Much has been made in recent years about the potential for ‘big data’ to guide improvements in the effectiveness of development interventions. While it is no doubt true that ‘more is better’ in terms of data-driven policy analysis, the collection, analysis and application of data to inform policy decisions does not come free of costs. This is especially true in developing countries. As such, some observers have argued that ‘little data’ should not be overlooked in guiding the design of interventions that are designed to achieve better development results, such as higher literacy rates or better health outcome.
Indeed, current approaches and systems for managing data in the public sector of most developing countries leave much to be desired. Data are often extremely slow to be gathered and are incomplete. As previously mentioned, central-level policy makers may not know the exact number of schools or clinics they have because no usable master list of service units exists, or the list is not accurate. For example, schools and clinics may have duplicate names or may not have a unique identifier that is used by all who gather data on that service unit. Many countries do not disaggregate data on outcomes at the local (i.e., local government or school) level (e.g., children’s learning outcomes), and the data are not well curated (i.e., cleaned, sorted, and selected).
Typically, these “traditional” data systems were created mostly for hierarchical administrative reporting and, perhaps, top-down planning, whereas the current demands of localized development require more than that.
In a recent RTI Policy Brief, Luis Crouch argues that while big data offers potential benefits in many realms, applying it to social and economic development problems, as the underpinning of a data revolution for development, could be misleading. Instead of (or rather, in addition to) pursued ‘big data solutions’, a practical approach to a data revolution for development would consist of the following four key actions:
- Improve “little data” and the systems that already house it, and add citizen input and citizen feedback data by using appropriate media.
- Better integrate, curate, and classify existing data (including “little data”) and new data sources.
- Add value to data: Analyze it to identify over- and underperforming service units, encourage citizen interaction with services, and promote both accountability and support.
- Demonstrate management uses for data by sharing it with local actors and showing practical examples of how data can be used to improve service delivery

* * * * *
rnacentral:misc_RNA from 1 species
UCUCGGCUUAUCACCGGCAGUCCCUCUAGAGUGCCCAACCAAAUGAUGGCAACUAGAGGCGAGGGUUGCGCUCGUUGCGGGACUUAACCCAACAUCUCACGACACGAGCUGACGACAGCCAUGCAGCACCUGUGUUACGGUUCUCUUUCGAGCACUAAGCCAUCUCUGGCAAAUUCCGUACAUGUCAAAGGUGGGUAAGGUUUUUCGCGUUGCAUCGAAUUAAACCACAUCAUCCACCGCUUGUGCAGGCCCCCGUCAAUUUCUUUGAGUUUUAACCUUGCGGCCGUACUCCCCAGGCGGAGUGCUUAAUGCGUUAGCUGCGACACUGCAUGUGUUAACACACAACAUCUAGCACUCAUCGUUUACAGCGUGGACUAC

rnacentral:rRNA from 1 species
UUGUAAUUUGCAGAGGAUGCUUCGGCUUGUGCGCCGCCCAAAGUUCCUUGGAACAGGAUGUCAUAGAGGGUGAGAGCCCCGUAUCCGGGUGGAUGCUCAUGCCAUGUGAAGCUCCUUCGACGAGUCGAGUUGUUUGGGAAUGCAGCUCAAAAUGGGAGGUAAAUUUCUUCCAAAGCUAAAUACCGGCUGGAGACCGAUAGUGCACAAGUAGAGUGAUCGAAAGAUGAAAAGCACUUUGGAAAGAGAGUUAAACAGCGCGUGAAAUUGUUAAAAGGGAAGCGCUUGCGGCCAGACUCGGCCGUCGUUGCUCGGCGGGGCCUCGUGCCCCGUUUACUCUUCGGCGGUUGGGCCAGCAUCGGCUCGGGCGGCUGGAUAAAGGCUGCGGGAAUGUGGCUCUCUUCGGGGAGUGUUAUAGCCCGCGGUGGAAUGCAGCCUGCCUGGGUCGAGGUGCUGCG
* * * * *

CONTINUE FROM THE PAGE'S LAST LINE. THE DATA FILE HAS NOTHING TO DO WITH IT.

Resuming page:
In a true open local government approach, authoritative, disaggregated local data on service delivery administration, finances and results should be publicly available (online) from the facility-level (school, clinic) up, so that local decision-makers can see the “last mile” of service delivery and so that communities are able to hold their public officials accountable. In fact, disaggregated local data availability is a requirement for an ‘accountability sandwich’ to be formed, which is support from the top by an effective central state and from the bottom-up by civic action (Mansuri and Rao, 2013).
However, making locally disaggregated data publicly available is not just a technical challenge: it is also a significant political economy challenge. At the national level, one can imagine that central ministries would be keen to avoid parliamentary inquiries by Members of Parliament whose constituencies are among the worst-off in terms of public services and development results. Similarly, the Members of Parliament themselves might be keen to avoid the public pressure from constituents demanding better political representation of their interests.
Equally, at the local level, headmasters, clinic heads and public works managers may face incentives not to provide accurate data about their actual performance, even if the performance failures are due to reasons beyond their control. In turn, their supervisors (e.g., local department heads) face a similar incentive to overstate overall performance and/or high intra-jurisdictional inequities within local averages. As such, without appropriate validation and public disclosure of the disaggregated data at the local level, inaccurate data will be fed up the food chain.
Open local government or open local data will be a critical ingredient in using “local yardstick development” to achieve more inclusive, equitable and sustainable development. However, technical solutions will ultimately be unsuccessful unless government officials and development actors from across different stovepipes (including sector specialists and data wonks, but also local government experts) work together to resolve not only the technical but also the political economy obstacles along the vertical governance system to create a more open, accountable and data-driven public sector.
Read the full Policy Brief:
Luis Crouch. 2015. A Relevant Data Revolution for Development. RTI Policy Brief: June 2015.